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Dude, Where's My Tools? - - - misplace a tool and you'll be saying it yourself.


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Dude, where’s my tools?


It’s another busy day out in the shop. You’re concentrating on getting this job done, when all of a sudden the phone rings. You dash off to the nearest phone with the wrench still in your hand. The phone call wasn’t all that important, but you spent enough time on the phone that you’re not quite sure where you left off. So, you head back to your work area to re-acquaint yourself with what you were doing. Let’s see, I was turning that bolt with the wrench…the wrench, “Dude, where’s my tools?”


With the flair of a police pat down you do a quick pocket search, but it doesn’t yield the missing tool. Then you try looking in places you know you’ve left it before. Next, you try bobbing up and down, over and under the car. By now, you’ve broken out the flashlight to follow the beam of light as you peer into places you haven’t even been near. Finally, you walk back to the phone to see if you mistakenly carried it over there. Still nothing. You’re talking to yourself right about now asking, “Dude, where’s my tools?”


In a daze you start walking around the shop, snooping into every crevice you can think of in search of this elusive tool that has somehow grown legs and walked off. Oh, don’t worry, it will show up, just keep looking. It’s here somewhere. Admit it, we’ve all done it. What’s worse is when ya can’t find it even though you haven’t moved an inch. You know you’re looking right at it, but it has somehow camouflaged itself. Time to walk away, come back, and what do ya know… there it is. It happens to the best of us. At least I know I’m not the only one muttering, “Dude, where’s my tools?”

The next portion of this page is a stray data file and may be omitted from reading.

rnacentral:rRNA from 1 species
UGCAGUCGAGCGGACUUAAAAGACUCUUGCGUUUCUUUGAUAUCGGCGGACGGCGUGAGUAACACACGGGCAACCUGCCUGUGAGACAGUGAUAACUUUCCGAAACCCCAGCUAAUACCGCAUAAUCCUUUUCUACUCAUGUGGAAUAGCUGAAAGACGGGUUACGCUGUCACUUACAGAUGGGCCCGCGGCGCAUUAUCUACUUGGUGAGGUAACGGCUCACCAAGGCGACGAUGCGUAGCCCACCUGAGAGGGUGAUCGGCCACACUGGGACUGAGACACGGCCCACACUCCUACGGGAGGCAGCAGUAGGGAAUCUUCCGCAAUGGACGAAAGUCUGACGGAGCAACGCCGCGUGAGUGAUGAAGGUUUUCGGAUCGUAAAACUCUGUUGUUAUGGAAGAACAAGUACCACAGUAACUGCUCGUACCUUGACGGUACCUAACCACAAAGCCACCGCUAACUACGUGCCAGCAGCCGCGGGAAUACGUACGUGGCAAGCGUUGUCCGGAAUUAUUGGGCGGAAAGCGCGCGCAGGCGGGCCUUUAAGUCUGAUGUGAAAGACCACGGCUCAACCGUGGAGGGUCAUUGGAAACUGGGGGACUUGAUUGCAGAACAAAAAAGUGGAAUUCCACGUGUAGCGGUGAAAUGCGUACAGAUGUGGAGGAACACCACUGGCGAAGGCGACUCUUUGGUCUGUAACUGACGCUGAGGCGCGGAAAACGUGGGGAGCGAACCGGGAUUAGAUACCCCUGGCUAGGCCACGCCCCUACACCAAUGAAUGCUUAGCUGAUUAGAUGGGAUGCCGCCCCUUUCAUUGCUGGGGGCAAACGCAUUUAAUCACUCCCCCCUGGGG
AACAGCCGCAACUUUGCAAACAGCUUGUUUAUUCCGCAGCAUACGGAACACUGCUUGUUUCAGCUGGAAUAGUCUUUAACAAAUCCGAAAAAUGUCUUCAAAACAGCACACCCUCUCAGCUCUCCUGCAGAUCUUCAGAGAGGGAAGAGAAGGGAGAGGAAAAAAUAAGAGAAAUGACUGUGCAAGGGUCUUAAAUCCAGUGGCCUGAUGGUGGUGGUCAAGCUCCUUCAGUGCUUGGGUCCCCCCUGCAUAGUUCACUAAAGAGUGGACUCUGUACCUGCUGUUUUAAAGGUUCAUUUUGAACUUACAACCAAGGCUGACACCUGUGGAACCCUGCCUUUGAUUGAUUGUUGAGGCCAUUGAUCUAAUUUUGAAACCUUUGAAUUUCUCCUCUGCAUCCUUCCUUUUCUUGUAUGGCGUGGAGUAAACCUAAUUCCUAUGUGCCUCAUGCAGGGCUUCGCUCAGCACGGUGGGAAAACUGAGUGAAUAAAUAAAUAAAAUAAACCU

A few weeks ago my son and I were working on a project at home. He wanted to build a trebuchet; to be exact, not your basic trebuchet mind you. Oh no, not my boy, it had to be some fancy, smanshy one. Sure, why not, I’m up for the challenge. We had no plans, no diagrams, just a photo. It’s amazing how much stuff you have to figure out to make each and every different piece fit together, especially without much more than a photo to go by. Quite a challenge, to say the least. But, just like at the repair shop, tools disappear just as easily, and it’s not long before I’m back to my old chant again, “Dude, where’s my tools?”


The pencil was the biggie this time around. Every time we needed to mark something we both would have to go on a pencil safari searching for it. From one work bench to another, and it didn’t matter how many extra pencils we got out, they all seemed to disappear just as easily as the first one did. By now, it wasn’t only me saying it, but my son as well, “Dude, where’s my tools?”


At the shop, when I’m working on a big project, such as an engine repair or a major wiring repair I try to have a cart close by with all the tools strategically placed on it. It works…well, most of the time anyway, but there’s always that exception when you have two or three sockets or a test light in use, and you put it down somewhere and somehow you can’t find them anymore. 99 % of the time you’ll recover your tools with no problem, but there’s always one that gets away. I guess that’s why the tool truck stops by once a week, you know, just to see what ya lost this time. Lose a tool, and it’s another trip to the truck to restock and hopefully avoid, “Dude, where’s my tools?”


When I finish a project I take inventory of my hand tools as I wipe them down and put them away. If something comes up missing I don’t waste any time before I go on a mission to find out what happened to it. Even if that means going out to the parking lot and checking the car I just finished. (Yea, tell me ya never done that before.) Tools are expensive, and some are irreplaceable. So, don’t be alarmed if you see me snooping around under work benches or behind the brake lathe. Ask me what I’m doing and I’ll bet you’re going to hear me say, “Dude, where’s my tools?”


Whether it’s your pocket screwdriver that just doesn’t seem to stay put, especially when you need it in a tight spot and you can’t move. You start doing the phantom pocket search several times while trying to concentrate on what you’re doing, only to give up and go find the blasted thing. Or, when you’re walking back through the office trying to find the missing pocket screwdriver and find that wrench you were using just before the phone rang, lying right there on the counter, next to the customer’s invoice. They all show up sooner or later, usually after you’ve caught yourself mumbling to yourself, “Dude, where’s my tools?”